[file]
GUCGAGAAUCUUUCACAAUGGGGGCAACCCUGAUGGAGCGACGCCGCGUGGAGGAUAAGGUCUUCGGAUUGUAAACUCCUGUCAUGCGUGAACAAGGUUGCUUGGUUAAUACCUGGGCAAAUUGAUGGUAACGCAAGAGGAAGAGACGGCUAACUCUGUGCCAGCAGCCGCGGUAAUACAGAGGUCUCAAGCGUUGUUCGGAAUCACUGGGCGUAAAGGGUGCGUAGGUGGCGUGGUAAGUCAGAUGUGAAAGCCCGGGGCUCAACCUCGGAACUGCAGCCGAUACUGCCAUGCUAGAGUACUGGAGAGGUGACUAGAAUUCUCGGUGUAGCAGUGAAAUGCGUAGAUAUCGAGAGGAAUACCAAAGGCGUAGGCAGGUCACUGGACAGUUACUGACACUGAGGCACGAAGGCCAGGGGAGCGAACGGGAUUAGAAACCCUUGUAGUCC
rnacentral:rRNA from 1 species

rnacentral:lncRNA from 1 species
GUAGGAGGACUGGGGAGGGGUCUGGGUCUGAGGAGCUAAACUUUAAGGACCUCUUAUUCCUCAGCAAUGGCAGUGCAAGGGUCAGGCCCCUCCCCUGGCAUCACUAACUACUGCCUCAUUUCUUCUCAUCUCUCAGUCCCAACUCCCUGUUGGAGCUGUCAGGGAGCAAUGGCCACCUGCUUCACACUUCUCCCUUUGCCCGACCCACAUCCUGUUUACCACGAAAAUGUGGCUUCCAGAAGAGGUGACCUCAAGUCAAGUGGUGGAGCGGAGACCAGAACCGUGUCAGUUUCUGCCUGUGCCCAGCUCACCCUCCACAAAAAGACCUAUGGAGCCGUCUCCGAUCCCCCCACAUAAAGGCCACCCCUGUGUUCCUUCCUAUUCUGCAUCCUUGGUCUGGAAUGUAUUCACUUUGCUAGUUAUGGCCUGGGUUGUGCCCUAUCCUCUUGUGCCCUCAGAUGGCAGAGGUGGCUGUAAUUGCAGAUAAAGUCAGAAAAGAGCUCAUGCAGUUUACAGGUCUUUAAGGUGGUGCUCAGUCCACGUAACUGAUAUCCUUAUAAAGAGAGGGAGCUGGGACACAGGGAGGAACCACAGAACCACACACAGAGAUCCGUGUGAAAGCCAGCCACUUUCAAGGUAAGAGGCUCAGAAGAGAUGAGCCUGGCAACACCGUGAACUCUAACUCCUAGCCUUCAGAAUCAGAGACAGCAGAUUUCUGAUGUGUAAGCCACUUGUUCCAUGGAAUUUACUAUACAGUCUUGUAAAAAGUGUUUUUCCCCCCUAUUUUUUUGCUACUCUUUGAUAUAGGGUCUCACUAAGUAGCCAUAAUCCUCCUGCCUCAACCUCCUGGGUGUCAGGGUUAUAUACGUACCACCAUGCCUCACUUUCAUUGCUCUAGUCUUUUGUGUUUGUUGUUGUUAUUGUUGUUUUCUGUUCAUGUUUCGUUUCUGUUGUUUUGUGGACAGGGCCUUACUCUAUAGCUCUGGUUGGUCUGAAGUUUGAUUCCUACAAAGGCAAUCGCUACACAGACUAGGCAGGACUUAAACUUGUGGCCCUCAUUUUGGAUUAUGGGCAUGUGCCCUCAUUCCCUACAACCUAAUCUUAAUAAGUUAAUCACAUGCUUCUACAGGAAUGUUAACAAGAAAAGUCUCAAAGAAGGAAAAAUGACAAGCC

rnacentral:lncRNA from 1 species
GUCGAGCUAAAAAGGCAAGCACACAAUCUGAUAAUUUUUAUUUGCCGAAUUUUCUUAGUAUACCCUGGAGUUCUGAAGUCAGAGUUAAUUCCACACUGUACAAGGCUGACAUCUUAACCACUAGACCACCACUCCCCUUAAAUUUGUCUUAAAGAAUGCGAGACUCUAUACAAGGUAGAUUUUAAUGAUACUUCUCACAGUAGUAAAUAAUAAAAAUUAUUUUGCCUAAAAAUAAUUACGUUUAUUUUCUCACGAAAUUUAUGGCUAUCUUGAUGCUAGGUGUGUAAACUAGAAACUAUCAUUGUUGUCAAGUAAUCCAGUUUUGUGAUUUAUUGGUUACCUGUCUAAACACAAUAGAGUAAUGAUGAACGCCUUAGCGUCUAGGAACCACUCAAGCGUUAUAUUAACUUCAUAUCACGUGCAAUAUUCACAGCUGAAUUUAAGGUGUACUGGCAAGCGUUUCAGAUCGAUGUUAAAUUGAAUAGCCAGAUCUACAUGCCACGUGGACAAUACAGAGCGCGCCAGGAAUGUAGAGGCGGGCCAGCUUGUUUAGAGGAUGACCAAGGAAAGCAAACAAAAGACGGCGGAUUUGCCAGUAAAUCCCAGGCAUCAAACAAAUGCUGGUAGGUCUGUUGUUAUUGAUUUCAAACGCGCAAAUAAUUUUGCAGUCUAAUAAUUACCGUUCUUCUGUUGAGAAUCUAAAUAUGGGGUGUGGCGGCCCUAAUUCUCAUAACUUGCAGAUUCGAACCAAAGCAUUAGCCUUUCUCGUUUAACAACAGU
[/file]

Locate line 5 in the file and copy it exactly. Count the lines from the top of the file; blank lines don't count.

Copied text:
rnacentral:lncRNA from 1 species